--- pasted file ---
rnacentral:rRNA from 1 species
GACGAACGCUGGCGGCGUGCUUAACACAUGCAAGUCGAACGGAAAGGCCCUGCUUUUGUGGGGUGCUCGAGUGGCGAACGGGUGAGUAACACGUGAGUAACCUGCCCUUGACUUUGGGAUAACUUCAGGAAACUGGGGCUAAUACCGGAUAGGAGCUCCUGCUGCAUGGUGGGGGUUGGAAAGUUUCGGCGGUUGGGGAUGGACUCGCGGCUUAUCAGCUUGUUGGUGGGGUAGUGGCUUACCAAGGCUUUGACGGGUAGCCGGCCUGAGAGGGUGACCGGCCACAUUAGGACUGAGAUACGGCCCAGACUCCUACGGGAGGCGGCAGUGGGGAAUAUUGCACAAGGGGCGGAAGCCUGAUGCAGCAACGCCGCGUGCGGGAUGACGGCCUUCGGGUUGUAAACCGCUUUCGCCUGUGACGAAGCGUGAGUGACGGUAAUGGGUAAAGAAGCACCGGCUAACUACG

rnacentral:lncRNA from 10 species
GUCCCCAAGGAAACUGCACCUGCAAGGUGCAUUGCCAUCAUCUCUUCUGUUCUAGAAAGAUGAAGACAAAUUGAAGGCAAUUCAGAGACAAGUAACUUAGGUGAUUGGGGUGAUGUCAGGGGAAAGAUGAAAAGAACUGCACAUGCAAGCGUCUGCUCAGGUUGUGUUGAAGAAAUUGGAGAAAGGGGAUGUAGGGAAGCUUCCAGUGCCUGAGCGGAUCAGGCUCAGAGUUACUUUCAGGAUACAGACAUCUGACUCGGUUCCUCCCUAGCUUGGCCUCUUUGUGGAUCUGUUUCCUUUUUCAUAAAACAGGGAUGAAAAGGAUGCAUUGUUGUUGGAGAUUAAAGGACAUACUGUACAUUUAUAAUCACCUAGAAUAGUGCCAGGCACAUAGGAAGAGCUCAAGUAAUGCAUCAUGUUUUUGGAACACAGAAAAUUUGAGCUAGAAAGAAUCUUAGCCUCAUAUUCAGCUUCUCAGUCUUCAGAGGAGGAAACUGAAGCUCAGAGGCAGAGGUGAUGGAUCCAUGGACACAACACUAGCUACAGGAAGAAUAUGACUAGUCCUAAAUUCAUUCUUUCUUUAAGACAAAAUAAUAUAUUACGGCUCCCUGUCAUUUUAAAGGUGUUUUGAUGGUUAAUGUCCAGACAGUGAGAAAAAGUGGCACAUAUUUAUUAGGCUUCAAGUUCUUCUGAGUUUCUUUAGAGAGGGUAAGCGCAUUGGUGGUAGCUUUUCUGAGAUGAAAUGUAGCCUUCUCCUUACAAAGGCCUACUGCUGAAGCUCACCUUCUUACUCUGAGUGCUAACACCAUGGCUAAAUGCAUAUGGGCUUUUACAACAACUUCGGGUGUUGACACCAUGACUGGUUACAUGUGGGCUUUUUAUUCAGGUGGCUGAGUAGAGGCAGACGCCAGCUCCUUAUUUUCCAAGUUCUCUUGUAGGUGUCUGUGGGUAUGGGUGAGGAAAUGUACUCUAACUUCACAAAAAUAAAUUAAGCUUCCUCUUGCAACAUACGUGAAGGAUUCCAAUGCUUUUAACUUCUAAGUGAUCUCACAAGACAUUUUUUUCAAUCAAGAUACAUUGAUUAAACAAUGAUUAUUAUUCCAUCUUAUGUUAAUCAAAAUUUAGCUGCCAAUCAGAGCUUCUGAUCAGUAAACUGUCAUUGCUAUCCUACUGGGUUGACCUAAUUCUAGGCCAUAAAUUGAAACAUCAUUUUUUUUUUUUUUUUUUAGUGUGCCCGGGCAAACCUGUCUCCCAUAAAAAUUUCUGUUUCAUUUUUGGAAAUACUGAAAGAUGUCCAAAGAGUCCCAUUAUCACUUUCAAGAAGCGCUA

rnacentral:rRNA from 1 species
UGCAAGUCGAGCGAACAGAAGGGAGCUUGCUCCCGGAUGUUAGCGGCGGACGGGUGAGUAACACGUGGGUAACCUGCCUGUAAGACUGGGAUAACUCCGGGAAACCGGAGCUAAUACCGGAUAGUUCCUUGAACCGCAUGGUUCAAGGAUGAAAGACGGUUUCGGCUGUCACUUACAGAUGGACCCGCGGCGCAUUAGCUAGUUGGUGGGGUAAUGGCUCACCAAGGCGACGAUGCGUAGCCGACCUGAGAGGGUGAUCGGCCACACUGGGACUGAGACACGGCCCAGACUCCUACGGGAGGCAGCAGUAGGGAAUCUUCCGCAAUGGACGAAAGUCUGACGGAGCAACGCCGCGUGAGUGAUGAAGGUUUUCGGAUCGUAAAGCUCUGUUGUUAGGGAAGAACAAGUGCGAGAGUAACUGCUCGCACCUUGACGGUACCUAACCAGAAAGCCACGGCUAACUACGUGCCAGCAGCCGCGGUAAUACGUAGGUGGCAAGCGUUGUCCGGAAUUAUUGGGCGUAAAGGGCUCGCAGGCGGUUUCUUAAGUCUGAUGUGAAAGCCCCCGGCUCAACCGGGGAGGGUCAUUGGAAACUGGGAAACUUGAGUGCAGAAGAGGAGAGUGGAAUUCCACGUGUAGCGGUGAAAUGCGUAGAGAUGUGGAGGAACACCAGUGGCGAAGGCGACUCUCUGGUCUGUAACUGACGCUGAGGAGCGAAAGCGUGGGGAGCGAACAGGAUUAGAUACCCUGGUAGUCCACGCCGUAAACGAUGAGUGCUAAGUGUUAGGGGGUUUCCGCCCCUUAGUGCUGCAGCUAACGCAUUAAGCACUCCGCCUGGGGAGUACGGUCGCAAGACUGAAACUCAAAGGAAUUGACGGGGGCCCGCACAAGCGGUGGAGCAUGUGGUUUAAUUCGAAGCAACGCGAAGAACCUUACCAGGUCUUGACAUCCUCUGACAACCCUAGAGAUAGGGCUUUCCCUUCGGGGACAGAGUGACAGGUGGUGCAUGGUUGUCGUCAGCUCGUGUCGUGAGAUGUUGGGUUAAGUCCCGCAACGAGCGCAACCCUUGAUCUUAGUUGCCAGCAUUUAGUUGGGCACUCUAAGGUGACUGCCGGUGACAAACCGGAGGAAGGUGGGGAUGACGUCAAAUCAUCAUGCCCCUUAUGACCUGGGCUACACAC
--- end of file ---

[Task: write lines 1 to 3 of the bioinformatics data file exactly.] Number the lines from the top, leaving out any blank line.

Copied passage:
rnacentral:rRNA from 1 species
GACGAACGCUGGCGGCGUGCUUAACACAUGCAAGUCGAACGGAAAGGCCCUGCUUUUGUGGGGUGCUCGAGUGGCGAACGGGUGAGUAACACGUGAGUAACCUGCCCUUGACUUUGGGAUAACUUCAGGAAACUGGGGCUAAUACCGGAUAGGAGCUCCUGCUGCAUGGUGGGGGUUGGAAAGUUUCGGCGGUUGGGGAUGGACUCGCGGCUUAUCAGCUUGUUGGUGGGGUAGUGGCUUACCAAGGCUUUGACGGGUAGCCGGCCUGAGAGGGUGACCGGCCACAUUAGGACUGAGAUACGGCCCAGACUCCUACGGGAGGCGGCAGUGGGGAAUAUUGCACAAGGGGCGGAAGCCUGAUGCAGCAACGCCGCGUGCGGGAUGACGGCCUUCGGGUUGUAAACCGCUUUCGCCUGUGACGAAGCGUGAGUGACGGUAAUGGGUAAAGAAGCACCGGCUAACUACG

rnacentral:lncRNA from 10 species